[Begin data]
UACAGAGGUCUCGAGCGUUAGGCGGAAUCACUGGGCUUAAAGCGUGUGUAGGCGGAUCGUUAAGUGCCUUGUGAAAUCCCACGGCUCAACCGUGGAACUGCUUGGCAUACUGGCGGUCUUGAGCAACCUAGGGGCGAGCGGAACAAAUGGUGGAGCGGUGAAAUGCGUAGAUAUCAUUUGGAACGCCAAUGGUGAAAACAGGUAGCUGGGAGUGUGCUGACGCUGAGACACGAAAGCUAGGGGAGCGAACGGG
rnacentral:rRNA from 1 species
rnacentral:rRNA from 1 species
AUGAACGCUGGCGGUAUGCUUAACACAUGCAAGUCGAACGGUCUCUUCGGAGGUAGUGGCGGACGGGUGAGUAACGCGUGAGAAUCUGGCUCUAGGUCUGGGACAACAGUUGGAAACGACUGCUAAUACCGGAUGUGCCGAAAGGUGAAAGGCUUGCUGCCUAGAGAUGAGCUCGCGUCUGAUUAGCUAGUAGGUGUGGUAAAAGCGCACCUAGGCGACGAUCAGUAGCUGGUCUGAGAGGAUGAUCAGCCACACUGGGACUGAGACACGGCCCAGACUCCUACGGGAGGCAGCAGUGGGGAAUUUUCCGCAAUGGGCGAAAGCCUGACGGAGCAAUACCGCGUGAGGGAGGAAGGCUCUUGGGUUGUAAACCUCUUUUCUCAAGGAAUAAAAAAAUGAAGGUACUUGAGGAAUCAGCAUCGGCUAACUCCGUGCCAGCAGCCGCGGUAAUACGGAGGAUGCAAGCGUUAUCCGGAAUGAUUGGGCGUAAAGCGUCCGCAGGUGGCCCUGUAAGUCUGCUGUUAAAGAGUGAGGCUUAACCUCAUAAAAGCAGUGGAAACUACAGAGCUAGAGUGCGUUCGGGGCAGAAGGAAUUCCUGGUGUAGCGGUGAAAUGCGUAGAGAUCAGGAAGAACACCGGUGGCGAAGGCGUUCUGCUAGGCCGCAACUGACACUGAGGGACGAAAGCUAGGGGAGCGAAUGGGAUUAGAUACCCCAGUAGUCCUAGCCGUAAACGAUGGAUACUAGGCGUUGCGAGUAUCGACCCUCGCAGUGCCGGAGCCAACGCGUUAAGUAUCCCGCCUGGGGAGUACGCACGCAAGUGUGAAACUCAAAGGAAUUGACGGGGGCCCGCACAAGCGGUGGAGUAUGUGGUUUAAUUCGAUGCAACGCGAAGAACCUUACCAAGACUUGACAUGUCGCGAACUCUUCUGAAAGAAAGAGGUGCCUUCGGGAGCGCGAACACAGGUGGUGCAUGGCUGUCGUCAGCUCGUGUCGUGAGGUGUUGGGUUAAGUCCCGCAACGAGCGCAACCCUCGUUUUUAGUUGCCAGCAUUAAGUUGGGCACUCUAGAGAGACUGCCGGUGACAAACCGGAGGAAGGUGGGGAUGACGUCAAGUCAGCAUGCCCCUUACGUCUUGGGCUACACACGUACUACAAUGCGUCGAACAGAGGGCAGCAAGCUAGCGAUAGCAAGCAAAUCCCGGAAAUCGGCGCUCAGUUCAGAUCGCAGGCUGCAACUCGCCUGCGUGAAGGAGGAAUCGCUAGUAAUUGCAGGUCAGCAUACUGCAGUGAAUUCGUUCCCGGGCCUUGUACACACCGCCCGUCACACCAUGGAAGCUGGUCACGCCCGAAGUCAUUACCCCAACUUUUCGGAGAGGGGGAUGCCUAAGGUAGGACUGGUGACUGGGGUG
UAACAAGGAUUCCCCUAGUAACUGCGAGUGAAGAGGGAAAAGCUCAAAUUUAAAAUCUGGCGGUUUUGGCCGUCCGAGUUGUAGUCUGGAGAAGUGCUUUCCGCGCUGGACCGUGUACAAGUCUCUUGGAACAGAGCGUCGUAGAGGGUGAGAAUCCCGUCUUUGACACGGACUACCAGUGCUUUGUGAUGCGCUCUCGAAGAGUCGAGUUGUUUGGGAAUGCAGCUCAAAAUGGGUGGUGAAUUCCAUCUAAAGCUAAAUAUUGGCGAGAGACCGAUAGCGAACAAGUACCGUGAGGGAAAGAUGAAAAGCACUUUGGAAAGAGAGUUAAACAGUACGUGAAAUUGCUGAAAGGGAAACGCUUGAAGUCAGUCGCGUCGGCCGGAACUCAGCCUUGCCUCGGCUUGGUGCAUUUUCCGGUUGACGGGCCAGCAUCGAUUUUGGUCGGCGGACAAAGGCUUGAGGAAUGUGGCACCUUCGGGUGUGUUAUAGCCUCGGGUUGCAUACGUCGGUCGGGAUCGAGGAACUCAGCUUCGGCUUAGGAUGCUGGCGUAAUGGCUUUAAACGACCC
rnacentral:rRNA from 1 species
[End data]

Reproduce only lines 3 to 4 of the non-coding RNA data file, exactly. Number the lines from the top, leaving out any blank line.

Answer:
rnacentral:rRNA from 1 species
AUGAACGCUGGCGGUAUGCUUAACACAUGCAAGUCGAACGGUCUCUUCGGAGGUAGUGGCGGACGGGUGAGUAACGCGUGAGAAUCUGGCUCUAGGUCUGGGACAACAGUUGGAAACGACUGCUAAUACCGGAUGUGCCGAAAGGUGAAAGGCUUGCUGCCUAGAGAUGAGCUCGCGUCUGAUUAGCUAGUAGGUGUGGUAAAAGCGCACCUAGGCGACGAUCAGUAGCUGGUCUGAGAGGAUGAUCAGCCACACUGGGACUGAGACACGGCCCAGACUCCUACGGGAGGCAGCAGUGGGGAAUUUUCCGCAAUGGGCGAAAGCCUGACGGAGCAAUACCGCGUGAGGGAGGAAGGCUCUUGGGUUGUAAACCUCUUUUCUCAAGGAAUAAAAAAAUGAAGGUACUUGAGGAAUCAGCAUCGGCUAACUCCGUGCCAGCAGCCGCGGUAAUACGGAGGAUGCAAGCGUUAUCCGGAAUGAUUGGGCGUAAAGCGUCCGCAGGUGGCCCUGUAAGUCUGCUGUUAAAGAGUGAGGCUUAACCUCAUAAAAGCAGUGGAAACUACAGAGCUAGAGUGCGUUCGGGGCAGAAGGAAUUCCUGGUGUAGCGGUGAAAUGCGUAGAGAUCAGGAAGAACACCGGUGGCGAAGGCGUUCUGCUAGGCCGCAACUGACACUGAGGGACGAAAGCUAGGGGAGCGAAUGGGAUUAGAUACCCCAGUAGUCCUAGCCGUAAACGAUGGAUACUAGGCGUUGCGAGUAUCGACCCUCGCAGUGCCGGAGCCAACGCGUUAAGUAUCCCGCCUGGGGAGUACGCACGCAAGUGUGAAACUCAAAGGAAUUGACGGGGGCCCGCACAAGCGGUGGAGUAUGUGGUUUAAUUCGAUGCAACGCGAAGAACCUUACCAAGACUUGACAUGUCGCGAACUCUUCUGAAAGAAAGAGGUGCCUUCGGGAGCGCGAACACAGGUGGUGCAUGGCUGUCGUCAGCUCGUGUCGUGAGGUGUUGGGUUAAGUCCCGCAACGAGCGCAACCCUCGUUUUUAGUUGCCAGCAUUAAGUUGGGCACUCUAGAGAGACUGCCGGUGACAAACCGGAGGAAGGUGGGGAUGACGUCAAGUCAGCAUGCCCCUUACGUCUUGGGCUACACACGUACUACAAUGCGUCGAACAGAGGGCAGCAAGCUAGCGAUAGCAAGCAAAUCCCGGAAAUCGGCGCUCAGUUCAGAUCGCAGGCUGCAACUCGCCUGCGUGAAGGAGGAAUCGCUAGUAAUUGCAGGUCAGCAUACUGCAGUGAAUUCGUUCCCGGGCCUUGUACACACCGCCCGUCACACCAUGGAAGCUGGUCACGCCCGAAGUCAUUACCCCAACUUUUCGGAGAGGGGGAUGCCUAAGGUAGGACUGGUGACUGGGGUG